Brazilian Judge Allows Gay Reparative Therapy

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by Rodney Pelletier  •  •  September 20, 2017   

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BRASÍLIA, Brazil ( - A federal judge in Brazil is ruling homosexuality a disease, allowing the banned practice of reparative therapy.

Judge Waldemar Cláudio de Carvalho was ruling in the case of Rozangela Justino, a Christian psychologist who sought to use reparative therapy for her patients who wanted to overcome homosexuality. Her license was revoked in 2016.

The Federal Council of Psychology, which lobbied to have reparative therapy banned in 1999, claims the ruling "represents a violation of human rights and has no scientific basis."

The 1999 law dictates "psychologists shall not collaborate in events or services offering treatment and cure for homosexuality," adding, "psychologists will neither pronounce nor participate in public speeches, in the mass media, reinforcing social prejudice related to homosexuals as pursuing any kind of psychological disorder."

In the United States, reparative therapy is banned in five states and Washington D.C.

A 2015 report, "Ending Conversion Therapy: Supporting and Affirming LGBTQ Youth" was used by the Obama administration to promote legislation banning reparative therapy, calling it coercive, harmful and "should not be part of behavioral health treatment." 

Dr. Joseph Nicolosi was a leader in reparative therapy before his death and president of the National Association for Research and Therapy of Homosexuality (NARTH) and in 2015 said, "Homosexuality is not a sexual problem. It is a gender identity problem."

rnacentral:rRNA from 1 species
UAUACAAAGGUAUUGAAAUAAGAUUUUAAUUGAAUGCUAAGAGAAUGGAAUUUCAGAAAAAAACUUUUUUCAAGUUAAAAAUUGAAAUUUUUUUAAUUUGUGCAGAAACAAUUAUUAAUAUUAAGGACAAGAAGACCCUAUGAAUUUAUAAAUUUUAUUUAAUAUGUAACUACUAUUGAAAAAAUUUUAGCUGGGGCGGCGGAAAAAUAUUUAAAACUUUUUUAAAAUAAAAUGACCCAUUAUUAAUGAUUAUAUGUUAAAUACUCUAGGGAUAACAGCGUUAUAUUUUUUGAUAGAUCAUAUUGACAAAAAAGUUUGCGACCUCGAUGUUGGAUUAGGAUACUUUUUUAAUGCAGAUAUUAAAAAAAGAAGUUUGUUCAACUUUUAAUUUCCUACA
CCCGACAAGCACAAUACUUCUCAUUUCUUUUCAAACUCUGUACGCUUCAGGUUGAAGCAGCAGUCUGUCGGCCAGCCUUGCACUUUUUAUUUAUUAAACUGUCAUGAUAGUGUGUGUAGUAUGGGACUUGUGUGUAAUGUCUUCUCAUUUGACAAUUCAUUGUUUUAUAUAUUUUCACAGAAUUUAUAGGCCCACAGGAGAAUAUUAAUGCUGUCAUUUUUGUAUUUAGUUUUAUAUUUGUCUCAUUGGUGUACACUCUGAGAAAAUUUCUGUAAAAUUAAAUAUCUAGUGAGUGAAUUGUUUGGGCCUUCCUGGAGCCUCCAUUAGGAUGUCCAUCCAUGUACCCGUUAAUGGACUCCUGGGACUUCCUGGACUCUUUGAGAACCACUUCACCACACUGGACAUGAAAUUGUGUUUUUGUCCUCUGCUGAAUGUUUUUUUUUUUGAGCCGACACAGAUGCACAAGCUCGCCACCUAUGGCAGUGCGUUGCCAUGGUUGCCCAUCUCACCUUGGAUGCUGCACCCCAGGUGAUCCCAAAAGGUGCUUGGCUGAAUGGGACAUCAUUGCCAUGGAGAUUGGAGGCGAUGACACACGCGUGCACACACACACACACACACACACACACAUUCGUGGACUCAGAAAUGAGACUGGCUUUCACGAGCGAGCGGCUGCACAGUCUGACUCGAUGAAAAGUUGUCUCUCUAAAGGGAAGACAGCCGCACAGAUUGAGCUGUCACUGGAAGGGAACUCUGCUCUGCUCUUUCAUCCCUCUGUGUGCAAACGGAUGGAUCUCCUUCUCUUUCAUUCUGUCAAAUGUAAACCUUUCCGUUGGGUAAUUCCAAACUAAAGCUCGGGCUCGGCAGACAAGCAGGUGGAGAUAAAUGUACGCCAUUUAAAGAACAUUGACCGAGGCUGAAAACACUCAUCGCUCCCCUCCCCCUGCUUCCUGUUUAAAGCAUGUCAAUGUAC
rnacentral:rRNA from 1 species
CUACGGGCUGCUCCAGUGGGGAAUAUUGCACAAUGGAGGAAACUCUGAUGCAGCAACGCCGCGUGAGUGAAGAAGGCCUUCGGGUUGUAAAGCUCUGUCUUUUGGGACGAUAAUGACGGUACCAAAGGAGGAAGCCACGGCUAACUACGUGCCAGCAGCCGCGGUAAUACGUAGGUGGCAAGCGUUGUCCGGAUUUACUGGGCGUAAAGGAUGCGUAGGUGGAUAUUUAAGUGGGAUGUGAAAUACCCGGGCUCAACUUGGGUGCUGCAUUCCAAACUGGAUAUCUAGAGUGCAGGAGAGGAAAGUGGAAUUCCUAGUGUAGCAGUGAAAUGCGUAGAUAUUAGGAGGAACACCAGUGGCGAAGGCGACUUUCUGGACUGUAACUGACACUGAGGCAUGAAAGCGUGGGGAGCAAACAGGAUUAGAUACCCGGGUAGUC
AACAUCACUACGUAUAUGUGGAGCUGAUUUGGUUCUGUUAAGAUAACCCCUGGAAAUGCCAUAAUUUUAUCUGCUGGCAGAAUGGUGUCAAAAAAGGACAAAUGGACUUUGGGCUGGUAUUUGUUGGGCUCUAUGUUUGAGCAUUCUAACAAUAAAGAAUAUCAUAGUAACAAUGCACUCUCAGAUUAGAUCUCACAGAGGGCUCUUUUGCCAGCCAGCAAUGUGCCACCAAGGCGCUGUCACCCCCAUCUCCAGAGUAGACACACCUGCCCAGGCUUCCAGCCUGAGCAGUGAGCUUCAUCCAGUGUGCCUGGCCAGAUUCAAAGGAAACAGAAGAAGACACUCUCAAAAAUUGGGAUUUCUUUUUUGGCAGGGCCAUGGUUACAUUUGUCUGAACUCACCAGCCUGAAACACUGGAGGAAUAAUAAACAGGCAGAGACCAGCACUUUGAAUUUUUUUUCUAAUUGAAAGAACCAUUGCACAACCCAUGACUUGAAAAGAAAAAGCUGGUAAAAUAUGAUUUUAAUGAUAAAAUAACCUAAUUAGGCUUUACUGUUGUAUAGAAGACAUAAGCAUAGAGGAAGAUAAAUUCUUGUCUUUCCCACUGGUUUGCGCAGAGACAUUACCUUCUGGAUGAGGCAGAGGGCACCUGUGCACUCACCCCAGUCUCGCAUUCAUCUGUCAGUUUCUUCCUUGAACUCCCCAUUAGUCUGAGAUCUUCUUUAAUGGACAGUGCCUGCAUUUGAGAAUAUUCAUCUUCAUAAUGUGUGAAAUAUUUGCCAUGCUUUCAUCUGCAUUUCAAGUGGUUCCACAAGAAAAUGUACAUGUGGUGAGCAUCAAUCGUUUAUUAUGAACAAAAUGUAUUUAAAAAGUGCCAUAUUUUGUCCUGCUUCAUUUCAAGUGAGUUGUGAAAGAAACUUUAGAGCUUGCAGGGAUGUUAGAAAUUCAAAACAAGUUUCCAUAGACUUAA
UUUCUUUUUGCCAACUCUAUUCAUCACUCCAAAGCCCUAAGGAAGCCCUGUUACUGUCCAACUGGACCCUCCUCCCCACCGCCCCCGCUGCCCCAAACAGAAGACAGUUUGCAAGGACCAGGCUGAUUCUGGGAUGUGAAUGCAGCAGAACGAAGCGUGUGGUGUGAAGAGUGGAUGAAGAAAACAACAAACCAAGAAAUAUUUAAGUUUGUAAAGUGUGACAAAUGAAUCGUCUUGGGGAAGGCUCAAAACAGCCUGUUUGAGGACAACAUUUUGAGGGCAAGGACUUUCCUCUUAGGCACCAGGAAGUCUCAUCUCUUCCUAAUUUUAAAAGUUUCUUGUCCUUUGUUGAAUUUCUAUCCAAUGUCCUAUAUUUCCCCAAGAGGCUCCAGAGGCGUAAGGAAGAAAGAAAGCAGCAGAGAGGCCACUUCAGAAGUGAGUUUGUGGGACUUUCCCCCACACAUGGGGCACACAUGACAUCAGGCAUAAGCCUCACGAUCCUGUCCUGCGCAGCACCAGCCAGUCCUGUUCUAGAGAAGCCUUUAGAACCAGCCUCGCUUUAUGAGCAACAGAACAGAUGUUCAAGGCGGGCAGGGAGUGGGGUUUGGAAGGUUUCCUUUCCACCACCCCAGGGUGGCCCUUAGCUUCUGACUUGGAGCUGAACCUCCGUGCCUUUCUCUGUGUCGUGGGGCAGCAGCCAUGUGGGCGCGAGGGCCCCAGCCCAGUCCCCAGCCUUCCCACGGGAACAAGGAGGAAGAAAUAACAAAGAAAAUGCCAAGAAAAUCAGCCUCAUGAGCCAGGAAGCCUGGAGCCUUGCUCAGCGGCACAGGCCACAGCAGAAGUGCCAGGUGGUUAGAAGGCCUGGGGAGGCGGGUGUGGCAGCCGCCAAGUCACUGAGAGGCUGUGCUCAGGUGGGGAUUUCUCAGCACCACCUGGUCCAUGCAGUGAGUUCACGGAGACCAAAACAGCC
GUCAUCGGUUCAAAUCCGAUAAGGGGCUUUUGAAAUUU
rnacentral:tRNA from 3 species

He continued, "Homosexuality is not about sex. It is about a person's sense of himself, about his relationships, how he forms and establishes relationships, his self-identity, his self-image, personal shame, his ability to sustain intimacy." He also added, "Homosexual behavior is always prompted by an inner sense of emptiness."

Self-proclaimed Catholic and New Jersey Gov. Chris Christie was instrumental in banning reparative therapy in the state.

Arthur Goldberg, the founder of reparative therapy service JONAH, was forced to shut down the New Jersey-based organization and accused of consumer fraud by the Southern Poverty Law Center (SPLC).

During a court trial to determine the fate of JONAH, the court refused to allow Goldberg to use expert witnesses, claiming that anybody believing sexual orientation can change is behind the times, comparing them to people who believe the earth is flat.

Goldberg went on to found the Jewish Institute for Global Awareness (JIFGA), which promotes the "return of our culture to one in which more traditional universal moral values are understood and followed."

The Catholic European nation of Malta is the first to outright ban reparative therapy.

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